The interactions with the workers are personalized. For example, the leader is able to remember past conversation, he is aware of personal needs and concerns, and is able to see the subordinate as a whole and not just an employee. The leaders are able to respect the workers and appreciate their efforts in making the organization better. The leaders listen carefully to everything the followers have to say without interrupting them or trying to prove that they are in control. There is delegation of duties to the followers since it is a way of developing them into leaders and getting things done more effectively (Conger 1999). The delegated responsibilities are closely monitored in order to find out whether there is need for additional support or direction and so as to assess progress. Ideally, the subordinates do not feel like they are being followed since they are already put in a position where there is trust. They realize that the supervision is for their individual development and for the good of the organization. The leaders spend enough time teaching and coaching the followers to make them better in their responsibilities. The idea behind this effort is to develop leadership in all levels of the organization. The leader offers his followers empathy and support. They are always there when their followers need them. Basically, there is encompassing of the need for respect and celebration of personal contribution to the team. Performance is always rewarded as a way of encouraging hard work. This creates in the followers a will and inspiration for personal growth and inherent motivation in their responsibilities (Gumusluoglu and Arzu 2009).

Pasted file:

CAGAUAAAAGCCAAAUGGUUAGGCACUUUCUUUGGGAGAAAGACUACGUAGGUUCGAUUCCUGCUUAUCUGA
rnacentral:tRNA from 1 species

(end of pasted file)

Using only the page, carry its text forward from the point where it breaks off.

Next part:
Transformational leadership and effectiveness

Management of CK Company requires transformational leadership to be able to increase its effectiveness and move to a higher level in performance. As already discussed, people with transformational leadership style are real leaders able to inspire their followers with collective vision. This kind of leadership is passed down to the subordinates strengthening the performance of the organization. A transformational leader inspires the subordinates and teaches them to be leaders. This means that CK Company will have leadership in all its levels. Once the top leaders are engaged, it is possible for the subordinates to organize themselves and have the operations of the company going on without interruption. This means that the operations of the organization do not have to be interrupted once the top management is unavailable or is engaging in something else. With decisions and solutions being encouraged from all levels of the organization, it is possible for operations of the organization to be more effective (Yukl 1994).

Through intellectual stimulation, there are adequate skill levels and experiences within the organization to have it move forward to greater levels. The top management can explore new markets or open up new branches without fear that the parent company will fall under. The leader has confidence with his followers and can therefore have a chance to take risks by finding new opportunities. There is also the possibility of coming up with new innovative and creative approaches to operations since this is encouraged by the leaders. This increases the effectiveness of the organization since the followers do not have to wait for their leaders for solutions. Additionally, more and better approaches are brought in from all levels within the organization (Conger 1999).